With minimal text, a “little miss” navigates the tricky waters that will make her a “big sis.”
A new-baby title in which the older sibling is actually enthusiastic about the prospect of big sisterhood? What a concept! From the moment she is told that there will soon be a baby, this little girl is thrilled and impatient. Short words and phrases deftly summarize the days that follow the baby’s birth. “Sleep. Fuss. Eat. / Repeat.” Fortunately, the big sis takes it upon herself to keep the baby happy with songs, puppets, lap games, you name it. Rosenthal dances along the tricky line separating sincerity from pablum, ultimately producing a story that is as heartwarming as it is child-friendly. After all, it’s not all sunshine and roses, and the book acknowledges the inevitable downsides of new babies: hair pulling, drooling, toy stealing, and more. In the end, it is clear that the pluses far outweigh the minuses. Reynolds keeps his images sparse and spare, placing his cheery, bigheaded cartoon Caucasian family members against generous expanses of white space. His baby grows to be an androgynous little tyke, cleverly turning this book into a big-sister title with a broad scope.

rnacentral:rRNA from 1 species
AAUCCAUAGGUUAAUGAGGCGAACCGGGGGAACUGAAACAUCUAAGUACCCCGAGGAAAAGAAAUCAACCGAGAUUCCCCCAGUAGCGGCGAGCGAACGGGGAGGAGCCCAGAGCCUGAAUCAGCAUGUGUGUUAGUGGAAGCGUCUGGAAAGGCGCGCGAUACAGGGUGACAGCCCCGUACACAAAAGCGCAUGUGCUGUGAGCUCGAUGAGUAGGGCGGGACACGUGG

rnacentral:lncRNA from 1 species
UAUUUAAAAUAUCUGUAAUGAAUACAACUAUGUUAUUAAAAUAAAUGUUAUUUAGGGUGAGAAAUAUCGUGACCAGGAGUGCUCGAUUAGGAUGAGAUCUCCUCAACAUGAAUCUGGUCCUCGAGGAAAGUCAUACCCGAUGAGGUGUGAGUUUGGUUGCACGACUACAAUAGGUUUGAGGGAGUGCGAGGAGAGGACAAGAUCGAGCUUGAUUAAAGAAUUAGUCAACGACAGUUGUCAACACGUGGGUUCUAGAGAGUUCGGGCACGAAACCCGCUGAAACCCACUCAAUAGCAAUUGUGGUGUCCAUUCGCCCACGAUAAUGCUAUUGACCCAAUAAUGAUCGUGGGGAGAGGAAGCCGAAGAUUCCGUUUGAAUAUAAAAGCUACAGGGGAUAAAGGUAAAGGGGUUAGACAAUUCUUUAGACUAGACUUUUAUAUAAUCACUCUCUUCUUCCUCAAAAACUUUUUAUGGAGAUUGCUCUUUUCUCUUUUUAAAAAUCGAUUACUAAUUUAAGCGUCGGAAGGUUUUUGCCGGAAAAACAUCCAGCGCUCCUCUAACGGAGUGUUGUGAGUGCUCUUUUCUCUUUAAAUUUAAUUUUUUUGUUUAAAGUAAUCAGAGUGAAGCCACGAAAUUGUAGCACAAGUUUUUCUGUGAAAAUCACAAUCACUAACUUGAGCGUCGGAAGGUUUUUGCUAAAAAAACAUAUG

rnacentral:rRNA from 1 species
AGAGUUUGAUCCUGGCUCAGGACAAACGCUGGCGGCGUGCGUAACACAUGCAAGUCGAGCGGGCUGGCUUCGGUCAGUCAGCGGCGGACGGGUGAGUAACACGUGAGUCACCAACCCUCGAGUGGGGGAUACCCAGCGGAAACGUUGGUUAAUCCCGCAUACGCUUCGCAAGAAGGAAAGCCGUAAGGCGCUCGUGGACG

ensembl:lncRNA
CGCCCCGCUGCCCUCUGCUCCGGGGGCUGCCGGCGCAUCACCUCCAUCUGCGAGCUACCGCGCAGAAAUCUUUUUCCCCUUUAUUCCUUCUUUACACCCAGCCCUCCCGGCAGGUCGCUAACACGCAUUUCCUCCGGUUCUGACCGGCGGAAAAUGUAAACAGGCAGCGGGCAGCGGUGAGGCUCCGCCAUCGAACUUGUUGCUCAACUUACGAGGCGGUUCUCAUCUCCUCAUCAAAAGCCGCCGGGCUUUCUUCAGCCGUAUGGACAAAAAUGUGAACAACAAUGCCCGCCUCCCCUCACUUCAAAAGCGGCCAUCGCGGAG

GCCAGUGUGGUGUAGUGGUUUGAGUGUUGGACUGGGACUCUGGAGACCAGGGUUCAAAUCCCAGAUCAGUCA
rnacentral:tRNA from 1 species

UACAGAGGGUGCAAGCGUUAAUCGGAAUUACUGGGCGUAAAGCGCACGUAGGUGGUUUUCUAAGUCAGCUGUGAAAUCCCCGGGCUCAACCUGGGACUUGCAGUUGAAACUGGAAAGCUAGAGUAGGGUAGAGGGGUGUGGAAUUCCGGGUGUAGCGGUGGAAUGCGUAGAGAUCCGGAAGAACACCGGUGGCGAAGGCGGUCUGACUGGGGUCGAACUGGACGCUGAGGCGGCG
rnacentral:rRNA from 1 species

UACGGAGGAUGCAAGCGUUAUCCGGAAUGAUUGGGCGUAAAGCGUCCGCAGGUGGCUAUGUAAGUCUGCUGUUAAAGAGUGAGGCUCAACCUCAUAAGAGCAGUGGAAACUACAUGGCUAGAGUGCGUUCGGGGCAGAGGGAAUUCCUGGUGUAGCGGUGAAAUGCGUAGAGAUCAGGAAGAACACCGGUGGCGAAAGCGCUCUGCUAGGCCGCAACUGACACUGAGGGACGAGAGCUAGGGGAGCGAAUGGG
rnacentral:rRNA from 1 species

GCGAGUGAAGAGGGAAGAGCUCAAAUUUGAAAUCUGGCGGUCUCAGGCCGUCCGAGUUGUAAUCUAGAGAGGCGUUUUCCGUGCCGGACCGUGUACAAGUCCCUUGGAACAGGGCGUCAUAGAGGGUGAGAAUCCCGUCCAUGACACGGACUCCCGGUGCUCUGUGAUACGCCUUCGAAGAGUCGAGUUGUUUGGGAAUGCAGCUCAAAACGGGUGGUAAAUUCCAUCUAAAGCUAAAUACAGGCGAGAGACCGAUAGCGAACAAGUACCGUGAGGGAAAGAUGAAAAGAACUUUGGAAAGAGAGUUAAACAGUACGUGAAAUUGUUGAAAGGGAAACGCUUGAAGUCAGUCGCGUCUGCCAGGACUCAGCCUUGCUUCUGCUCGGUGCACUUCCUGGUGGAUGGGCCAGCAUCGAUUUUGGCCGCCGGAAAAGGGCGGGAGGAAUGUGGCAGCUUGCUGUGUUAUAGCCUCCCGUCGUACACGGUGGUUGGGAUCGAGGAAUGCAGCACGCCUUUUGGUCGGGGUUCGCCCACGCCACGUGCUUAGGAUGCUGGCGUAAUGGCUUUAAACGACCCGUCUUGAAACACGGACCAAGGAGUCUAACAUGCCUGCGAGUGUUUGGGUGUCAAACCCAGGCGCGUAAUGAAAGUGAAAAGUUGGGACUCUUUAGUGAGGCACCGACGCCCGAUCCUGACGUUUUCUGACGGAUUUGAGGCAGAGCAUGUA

Jealousy is nothing short of a foreign concept in this charmer of a tale, and siblings-to-be everywhere will take note. (Picture book. 4-8)